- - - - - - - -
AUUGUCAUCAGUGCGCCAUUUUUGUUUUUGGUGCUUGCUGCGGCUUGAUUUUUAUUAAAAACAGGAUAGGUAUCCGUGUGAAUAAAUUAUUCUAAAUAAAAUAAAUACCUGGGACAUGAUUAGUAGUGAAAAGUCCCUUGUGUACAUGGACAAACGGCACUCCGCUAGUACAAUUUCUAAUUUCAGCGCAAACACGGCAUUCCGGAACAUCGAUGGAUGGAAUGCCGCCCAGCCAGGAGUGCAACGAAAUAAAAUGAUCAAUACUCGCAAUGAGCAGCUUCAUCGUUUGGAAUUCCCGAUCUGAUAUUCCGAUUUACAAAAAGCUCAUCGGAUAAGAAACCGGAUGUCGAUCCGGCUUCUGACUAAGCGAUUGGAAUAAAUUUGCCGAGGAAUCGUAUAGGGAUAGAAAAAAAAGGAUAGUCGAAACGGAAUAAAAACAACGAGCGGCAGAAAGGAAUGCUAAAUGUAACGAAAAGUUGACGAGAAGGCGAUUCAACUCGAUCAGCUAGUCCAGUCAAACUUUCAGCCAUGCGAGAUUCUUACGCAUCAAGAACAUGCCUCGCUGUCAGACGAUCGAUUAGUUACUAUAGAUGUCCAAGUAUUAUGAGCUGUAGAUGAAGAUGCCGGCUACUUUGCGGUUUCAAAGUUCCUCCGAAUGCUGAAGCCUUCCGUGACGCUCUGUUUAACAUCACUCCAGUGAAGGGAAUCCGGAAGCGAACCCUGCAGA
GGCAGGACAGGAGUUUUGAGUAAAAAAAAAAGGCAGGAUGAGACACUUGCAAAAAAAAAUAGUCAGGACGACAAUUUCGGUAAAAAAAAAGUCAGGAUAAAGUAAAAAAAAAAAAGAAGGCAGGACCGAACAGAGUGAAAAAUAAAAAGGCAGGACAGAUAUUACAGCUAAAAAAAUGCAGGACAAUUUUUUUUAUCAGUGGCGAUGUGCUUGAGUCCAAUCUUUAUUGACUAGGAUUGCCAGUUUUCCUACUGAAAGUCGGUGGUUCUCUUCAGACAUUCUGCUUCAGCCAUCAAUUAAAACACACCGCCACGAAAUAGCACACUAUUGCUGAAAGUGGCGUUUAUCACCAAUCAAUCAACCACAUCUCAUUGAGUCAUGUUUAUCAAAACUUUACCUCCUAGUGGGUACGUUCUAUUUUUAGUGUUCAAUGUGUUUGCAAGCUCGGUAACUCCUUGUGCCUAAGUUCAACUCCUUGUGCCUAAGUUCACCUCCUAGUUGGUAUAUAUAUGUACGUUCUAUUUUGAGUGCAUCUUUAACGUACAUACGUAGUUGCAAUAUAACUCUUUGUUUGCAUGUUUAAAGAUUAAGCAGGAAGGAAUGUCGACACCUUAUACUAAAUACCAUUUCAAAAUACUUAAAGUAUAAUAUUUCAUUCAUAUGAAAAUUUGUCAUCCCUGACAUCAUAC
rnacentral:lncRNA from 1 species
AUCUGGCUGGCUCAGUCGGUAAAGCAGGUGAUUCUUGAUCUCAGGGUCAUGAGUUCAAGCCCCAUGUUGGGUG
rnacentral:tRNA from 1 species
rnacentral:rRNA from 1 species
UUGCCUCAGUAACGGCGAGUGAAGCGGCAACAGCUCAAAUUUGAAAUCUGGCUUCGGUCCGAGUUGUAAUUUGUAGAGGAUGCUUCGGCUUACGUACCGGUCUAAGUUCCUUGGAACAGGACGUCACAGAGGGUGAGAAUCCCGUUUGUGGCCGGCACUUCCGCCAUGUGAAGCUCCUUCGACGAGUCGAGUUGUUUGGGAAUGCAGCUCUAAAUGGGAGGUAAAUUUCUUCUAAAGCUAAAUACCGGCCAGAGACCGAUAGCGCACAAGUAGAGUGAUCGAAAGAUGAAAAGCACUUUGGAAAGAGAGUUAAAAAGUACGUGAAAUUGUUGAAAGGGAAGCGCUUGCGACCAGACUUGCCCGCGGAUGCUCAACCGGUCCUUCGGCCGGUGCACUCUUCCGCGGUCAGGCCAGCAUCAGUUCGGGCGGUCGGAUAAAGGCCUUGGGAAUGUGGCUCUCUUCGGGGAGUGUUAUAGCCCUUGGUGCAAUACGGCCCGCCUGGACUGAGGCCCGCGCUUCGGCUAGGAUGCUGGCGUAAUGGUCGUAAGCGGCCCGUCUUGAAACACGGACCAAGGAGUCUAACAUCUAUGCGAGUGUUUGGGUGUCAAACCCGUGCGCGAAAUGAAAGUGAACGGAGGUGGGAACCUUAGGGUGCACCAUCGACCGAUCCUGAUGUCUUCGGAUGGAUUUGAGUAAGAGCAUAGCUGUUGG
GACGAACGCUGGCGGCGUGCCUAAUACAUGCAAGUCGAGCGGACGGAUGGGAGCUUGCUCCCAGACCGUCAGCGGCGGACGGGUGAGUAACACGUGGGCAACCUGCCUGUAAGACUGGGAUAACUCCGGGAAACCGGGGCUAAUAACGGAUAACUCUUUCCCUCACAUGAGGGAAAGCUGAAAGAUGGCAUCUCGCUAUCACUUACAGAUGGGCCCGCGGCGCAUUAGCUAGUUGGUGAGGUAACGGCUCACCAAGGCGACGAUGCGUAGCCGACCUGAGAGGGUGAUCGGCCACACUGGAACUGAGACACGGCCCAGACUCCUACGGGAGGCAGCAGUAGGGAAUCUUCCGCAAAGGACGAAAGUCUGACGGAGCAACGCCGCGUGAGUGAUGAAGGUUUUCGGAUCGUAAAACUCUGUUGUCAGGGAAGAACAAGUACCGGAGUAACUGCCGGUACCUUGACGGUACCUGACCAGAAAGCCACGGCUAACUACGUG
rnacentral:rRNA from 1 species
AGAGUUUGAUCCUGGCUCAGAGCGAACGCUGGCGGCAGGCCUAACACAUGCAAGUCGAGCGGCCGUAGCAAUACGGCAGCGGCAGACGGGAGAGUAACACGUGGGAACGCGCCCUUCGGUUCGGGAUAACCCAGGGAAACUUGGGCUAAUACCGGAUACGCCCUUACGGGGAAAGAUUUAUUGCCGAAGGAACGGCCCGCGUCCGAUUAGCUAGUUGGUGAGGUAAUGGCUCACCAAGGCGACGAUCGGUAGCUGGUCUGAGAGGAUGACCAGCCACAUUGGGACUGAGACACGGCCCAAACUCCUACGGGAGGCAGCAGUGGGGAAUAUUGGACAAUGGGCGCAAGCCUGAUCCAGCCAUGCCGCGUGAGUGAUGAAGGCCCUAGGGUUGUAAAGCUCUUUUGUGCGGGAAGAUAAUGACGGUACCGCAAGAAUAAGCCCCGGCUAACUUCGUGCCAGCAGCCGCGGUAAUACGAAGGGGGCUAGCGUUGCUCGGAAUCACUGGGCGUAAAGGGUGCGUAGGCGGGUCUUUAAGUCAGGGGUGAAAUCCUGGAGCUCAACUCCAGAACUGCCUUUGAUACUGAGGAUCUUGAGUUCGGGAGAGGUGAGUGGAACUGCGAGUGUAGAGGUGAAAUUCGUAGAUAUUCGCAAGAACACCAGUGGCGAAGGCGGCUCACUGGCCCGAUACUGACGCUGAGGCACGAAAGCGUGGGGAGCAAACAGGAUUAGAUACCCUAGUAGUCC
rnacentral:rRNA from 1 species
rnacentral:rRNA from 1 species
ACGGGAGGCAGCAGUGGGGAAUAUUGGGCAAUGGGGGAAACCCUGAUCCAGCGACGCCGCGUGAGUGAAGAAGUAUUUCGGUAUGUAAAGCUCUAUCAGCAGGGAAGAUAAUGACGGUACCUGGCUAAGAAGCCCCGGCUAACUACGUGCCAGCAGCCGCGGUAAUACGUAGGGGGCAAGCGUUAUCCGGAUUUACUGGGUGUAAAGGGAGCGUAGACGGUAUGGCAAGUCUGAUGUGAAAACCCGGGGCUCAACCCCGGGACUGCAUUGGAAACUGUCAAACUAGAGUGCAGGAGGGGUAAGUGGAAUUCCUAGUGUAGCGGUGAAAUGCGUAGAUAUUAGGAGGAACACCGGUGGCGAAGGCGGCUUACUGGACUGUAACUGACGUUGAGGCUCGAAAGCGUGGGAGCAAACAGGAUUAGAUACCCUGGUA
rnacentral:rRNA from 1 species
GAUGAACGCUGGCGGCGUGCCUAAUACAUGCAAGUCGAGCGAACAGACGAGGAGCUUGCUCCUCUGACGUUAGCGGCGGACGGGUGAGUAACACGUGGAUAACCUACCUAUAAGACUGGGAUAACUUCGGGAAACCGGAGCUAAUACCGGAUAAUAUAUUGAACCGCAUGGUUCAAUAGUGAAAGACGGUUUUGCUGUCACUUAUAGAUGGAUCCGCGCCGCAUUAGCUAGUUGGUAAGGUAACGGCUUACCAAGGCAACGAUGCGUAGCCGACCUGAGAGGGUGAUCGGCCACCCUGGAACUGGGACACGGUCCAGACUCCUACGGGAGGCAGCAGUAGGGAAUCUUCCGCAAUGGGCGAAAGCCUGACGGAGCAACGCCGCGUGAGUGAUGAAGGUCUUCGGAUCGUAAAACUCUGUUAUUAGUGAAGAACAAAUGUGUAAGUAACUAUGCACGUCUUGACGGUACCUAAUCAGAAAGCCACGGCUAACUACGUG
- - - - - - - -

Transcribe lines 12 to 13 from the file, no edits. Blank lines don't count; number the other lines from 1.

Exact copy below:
rnacentral:rRNA from 1 species
ACGGGAGGCAGCAGUGGGGAAUAUUGGGCAAUGGGGGAAACCCUGAUCCAGCGACGCCGCGUGAGUGAAGAAGUAUUUCGGUAUGUAAAGCUCUAUCAGCAGGGAAGAUAAUGACGGUACCUGGCUAAGAAGCCCCGGCUAACUACGUGCCAGCAGCCGCGGUAAUACGUAGGGGGCAAGCGUUAUCCGGAUUUACUGGGUGUAAAGGGAGCGUAGACGGUAUGGCAAGUCUGAUGUGAAAACCCGGGGCUCAACCCCGGGACUGCAUUGGAAACUGUCAAACUAGAGUGCAGGAGGGGUAAGUGGAAUUCCUAGUGUAGCGGUGAAAUGCGUAGAUAUUAGGAGGAACACCGGUGGCGAAGGCGGCUUACUGGACUGUAACUGACGUUGAGGCUCGAAAGCGUGGGAGCAAACAGGAUUAGAUACCCUGGUA